Writing and drawing with a white pen is strange. We test out the Sakura Gelly Roll, white gel pen that’s easy to use and quick to get started with. We try drawing and lettering with this popular white pen on coloured and black paper, exploring some quirks and how to get the best results with the right paper and writing surface.
Reviewing the Sakura Gelly Roll White Pen
Vishal: Hello and welcome to Stationery Test Drive. Today we are looking at the Sakura Gelly Roll White Pen. I’m Vishal.
Samir: I’m Samir.
Minjal: I’m Minjal.
Vishal: And before all that let’s talk a little about what we’re upto. Samir?
Samir: I have been updating my papercraft account which I have mentioned before. I’m at @papernautic. I’ve been creating new thumbnails for my old videos that are origami instructions and I’m also working on updating my site.
Minjal: I recently designed a logo for a friend’s book series, so I’m now actually just writing down the process, deconstructing and writing it down for my blog.
Vishal: And I have been working on some animation projects. It’s not gone too far. But today the Sakura Gelly Roll. A white pen, which is I guess the opposite of a colored pen but it is a colored pen so we had to have interesting and unusual ways of using it. So we have 3 different tip sizes, they came in a pack of three, 05, 08, 10. Samir can tell you why for Gelly Roll with a ‘G?’
Samir: The Sakura Gelly Roll was invented by Sakura but more importantly the gel pen in general was invented by Sakura somewhere in the 1980s and we have spoken about this before because we have covered a gel pen before, the Rorito Fasty, you can check that video out.
Vishal: That’s one of our favorite pens and we like gel pens in general for artwork and this one is unusual.
What is a Gel Pen?
Samir: So the thing that gel pens changed was that the material used as a medium for the ink is more viscous and therefore it lets you have thicker pigments which is what makes something like a white pen possible because it can hold a thicker pigment, it being white in this case, and draw a line that’s a bit more opaque.
The Sakura Pen Company invented the gel pen in the 80s and they made it their own version of what in Japan is called the Sign Pen which was invented by Pentel. And the name for the gel pen that they invented in Japan was the Ball Sign, which is very descriptive of what they were going for, but I’m guessing when they moved to America they said that’s not going to work here, and so they called all their gel pens in America, Gelly Roll.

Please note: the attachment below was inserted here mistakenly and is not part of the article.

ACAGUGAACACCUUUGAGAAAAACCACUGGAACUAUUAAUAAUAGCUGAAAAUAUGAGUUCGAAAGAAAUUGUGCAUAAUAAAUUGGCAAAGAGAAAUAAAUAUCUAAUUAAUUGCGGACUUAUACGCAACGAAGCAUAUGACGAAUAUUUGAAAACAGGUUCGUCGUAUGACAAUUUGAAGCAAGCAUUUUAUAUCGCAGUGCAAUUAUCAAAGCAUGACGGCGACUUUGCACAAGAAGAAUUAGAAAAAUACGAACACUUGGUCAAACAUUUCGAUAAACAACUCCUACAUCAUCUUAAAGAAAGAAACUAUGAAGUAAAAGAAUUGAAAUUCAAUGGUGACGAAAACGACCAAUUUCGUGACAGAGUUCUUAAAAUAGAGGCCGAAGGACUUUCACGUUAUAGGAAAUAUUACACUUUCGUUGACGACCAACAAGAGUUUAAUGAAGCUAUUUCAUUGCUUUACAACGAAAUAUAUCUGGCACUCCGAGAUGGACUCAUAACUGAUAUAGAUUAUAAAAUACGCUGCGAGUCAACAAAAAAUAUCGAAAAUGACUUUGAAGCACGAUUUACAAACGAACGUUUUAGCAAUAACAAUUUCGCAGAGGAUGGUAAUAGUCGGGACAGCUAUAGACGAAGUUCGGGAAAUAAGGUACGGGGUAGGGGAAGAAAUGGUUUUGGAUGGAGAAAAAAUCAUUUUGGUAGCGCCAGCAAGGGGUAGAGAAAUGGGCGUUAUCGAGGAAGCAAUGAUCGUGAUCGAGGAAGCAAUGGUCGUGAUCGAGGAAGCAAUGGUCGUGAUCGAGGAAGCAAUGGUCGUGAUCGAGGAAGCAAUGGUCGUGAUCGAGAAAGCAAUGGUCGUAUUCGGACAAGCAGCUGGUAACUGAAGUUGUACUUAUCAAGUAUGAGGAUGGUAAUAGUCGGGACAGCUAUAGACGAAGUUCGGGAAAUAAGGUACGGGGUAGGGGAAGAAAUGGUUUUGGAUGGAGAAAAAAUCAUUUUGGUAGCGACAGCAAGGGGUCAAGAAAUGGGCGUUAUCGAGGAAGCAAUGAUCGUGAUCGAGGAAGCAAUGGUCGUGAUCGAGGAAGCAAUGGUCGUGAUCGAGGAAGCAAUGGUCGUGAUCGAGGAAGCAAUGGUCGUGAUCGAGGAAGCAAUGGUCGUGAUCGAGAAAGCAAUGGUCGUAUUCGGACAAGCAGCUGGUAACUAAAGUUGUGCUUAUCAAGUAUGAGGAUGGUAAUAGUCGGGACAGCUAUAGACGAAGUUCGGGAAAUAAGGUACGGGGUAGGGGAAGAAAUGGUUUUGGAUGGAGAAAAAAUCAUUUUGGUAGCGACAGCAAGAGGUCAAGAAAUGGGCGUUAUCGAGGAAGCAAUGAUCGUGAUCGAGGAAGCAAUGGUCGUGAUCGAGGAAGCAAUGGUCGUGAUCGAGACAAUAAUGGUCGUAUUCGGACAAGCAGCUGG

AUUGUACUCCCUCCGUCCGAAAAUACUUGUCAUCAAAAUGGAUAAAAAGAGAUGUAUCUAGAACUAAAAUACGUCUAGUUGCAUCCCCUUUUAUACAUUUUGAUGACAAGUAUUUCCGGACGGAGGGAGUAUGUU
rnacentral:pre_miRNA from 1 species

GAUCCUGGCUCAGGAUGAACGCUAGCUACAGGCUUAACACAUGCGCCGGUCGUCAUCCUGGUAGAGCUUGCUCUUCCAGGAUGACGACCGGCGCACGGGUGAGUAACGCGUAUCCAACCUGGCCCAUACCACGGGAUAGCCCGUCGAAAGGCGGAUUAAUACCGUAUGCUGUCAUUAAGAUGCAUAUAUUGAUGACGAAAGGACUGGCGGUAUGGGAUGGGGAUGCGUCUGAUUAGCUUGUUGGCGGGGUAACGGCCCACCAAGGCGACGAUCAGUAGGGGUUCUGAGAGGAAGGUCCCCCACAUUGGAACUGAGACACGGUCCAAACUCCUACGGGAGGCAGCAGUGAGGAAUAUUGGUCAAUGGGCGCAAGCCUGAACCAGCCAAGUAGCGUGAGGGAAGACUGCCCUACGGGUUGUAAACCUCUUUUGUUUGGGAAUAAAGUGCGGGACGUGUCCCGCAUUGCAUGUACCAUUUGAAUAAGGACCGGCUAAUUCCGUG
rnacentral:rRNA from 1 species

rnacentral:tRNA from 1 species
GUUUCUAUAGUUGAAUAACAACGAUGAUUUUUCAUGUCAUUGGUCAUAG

Vishal: That’s a fat story if there ever was one, well-rounded, like well-rounded people who use these pens. We’re artists and designers and how we run the show is we take a tool every week and we make some art with it and usually we don’t even show each other what we’ve done until we see it on camera, so Minjal why don’t you take us through your piece? And which particular Gelly Roll did you use?
Sakura Gelly Roll White Gel Pen for Lettering
Minjal: I used the 08. I’ve never used a white pen at all and it had its problems because the ink flow wasn’t exactly smooth. But I’m guessing that’s because if you don’t use the pen for a long time maybe it does this.
Samir: I think it is a pen that has a bit of a starting issue.
Vishal: So it also depends a lot on the paper choice, the material underneath your paper and just how much pressure you are putting on it. You almost want to apply this the way you would apply a brush or makeup or if you’re in cooking, if you’re spreading butter on toast that’s the kind of thing you want you want, a certain level of pressure that’s not going to drag into the substrate that you’re putting it into, and then it’ll apply in a nice, even line.
Minjal: So yeah my learning was, like you correctly said, you have to learn how to vary the pressure. Especially when you’re doing more structured writing, the pen stopping in between can sometimes be a problem, because when you go over it, it becomes thicker because every coat adds to the thickness of the lines that you’re trying to get.
Vishal: That may be a good thing, that you can build up levels unlike some other pens where you can’t. Especially in color we found that once you put down a layer you almost can’t add to it. Samir, why don’t show what you’ve done? You did a more illustrated piece and you’ve done some of that layering.
Sakura Gelly Roll White Gel Pen for Portrait Drawing
Samir: Yeah, I used my usual portrait drawing to test things out because I think it’s a good test of a lot of mediums. And yeah I essentially tried out layering but also kind of just having parallel lines to try to get that visual look of a thicker line. Also just trying to go over it to make a thicker line.